NDP Realistic Worst-Case Scenario: Not only does the NDP bump in the polls not hold, but tactical voting costs the NDP otherwise winnable seats. They’re happy to just about break even from the 2019 vote.
Canadian Federal Election: Best and Worst-Case Scenarios, August 15
Liberal Best-Case Scenario: Justin Trudeau and his Liberals suppress the Conservatives, the Bloc tumbles back into the mid-20s in seats, and the NDP’s vote never materializes. The Liberals gain about 25 seats from the prior election and form a majority government. It’s not as big of a majority as they won in 2015, but almost, and it gets the job done.
Liberal Worst-Case Scenario: The snap election call backfires and the CPC vote holds together better than expected. Couple this with the NDP coming in hot and the Liberals lose about a dozen seats. They still form a minority government with about 20 more seats than the CPC.
Conservative Best-Case Scenario: The Tories surprise everyone by holding nearly all of the seats they won in 2019 and adding a handful of others, mostly close races they lost in Ontario and the West last time. They hold their few seats in the Alantic and add one more in New Brunswick. The CPC nets a handful and finishes about 20 seats behind the Liberals. Erin O’Toole may or may not see his leadership survive, but another election by 2023 or 2024 looks likely, which is almost as good as a win.
Conservative Worst-Case Scenario: Atlantic Canada continues to elude the CPC, who lose their sole Nova Scotia seat and barely cling onto what they have in New Brunswick. Nothing happens in Quebec worth noting, they fail again to break through in Ontario (and actually lose a few more seats), and then they get railroaded in British Columbia by both the NDP and Liberals. They lose about 20 seats from the last election, with just north of 100 total.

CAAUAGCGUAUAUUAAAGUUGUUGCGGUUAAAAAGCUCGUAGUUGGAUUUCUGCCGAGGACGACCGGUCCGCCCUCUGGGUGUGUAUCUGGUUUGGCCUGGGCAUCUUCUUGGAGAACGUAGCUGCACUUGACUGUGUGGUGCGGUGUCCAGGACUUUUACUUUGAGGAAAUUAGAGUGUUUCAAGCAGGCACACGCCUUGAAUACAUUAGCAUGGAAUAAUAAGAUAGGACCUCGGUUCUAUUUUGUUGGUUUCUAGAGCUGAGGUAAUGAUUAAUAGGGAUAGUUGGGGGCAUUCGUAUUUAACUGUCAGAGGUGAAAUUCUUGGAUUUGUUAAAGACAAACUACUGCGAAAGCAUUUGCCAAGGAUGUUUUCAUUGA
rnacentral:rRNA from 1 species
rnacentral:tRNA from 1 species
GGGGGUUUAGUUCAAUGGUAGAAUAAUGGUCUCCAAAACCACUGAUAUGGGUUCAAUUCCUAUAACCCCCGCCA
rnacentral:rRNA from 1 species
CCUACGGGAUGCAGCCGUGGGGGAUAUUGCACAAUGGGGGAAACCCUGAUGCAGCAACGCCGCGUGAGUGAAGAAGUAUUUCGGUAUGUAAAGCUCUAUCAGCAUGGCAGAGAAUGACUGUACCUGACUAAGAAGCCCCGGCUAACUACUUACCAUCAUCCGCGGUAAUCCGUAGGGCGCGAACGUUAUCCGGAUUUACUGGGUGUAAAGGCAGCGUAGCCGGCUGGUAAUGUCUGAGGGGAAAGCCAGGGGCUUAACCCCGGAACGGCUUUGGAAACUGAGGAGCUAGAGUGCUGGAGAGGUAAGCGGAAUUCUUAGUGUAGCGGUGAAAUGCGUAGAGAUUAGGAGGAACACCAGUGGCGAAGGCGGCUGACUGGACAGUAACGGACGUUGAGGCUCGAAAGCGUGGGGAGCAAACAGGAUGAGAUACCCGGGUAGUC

NDP Best-Case Scenario: The NDP’s national popular vote eclipses 20 percent, leading to a handful of gains over both the Liberals and the CPC. The Atlantic and Quebec bear nothing for them, but the gains start in Ontario, they even pick up a seat in the Prairies (Saskatoon, specifically), and they add to their totals in British Columbia. The NDP ends up in the mid-to-high 30s.
NDP Worst-Case Scenario: Their expected bump in the polls never comes together. Instead of surging ahead by 10 or so seats, they slip back a hair as they fail to knock off the Liberals in some Ontario and British Columbia ridings, and the Conservative vote holds together just well enough to prevent a breakthrough. The NDP ends up with a disappointing low-20s haul.
Green Best-Case Scenario: In their first election under Annamie Paul, the Greens hold their two seats on Vancouver Island, and (expectedly or unexpectedly) win a third seat, perhaps even Paul herself.
Green Worst-Case Scenario: The Liberals and NDP increase their vote share from last time, and some of it comes at the expense of the Greens. They see much of their scale-back coming in British Columbia, costing Paul Manly his seat in Nanaimo. Annamie Paul also fails to win, but Elizabeth May holds on to her Saanich seat, once again as the sole Green MP.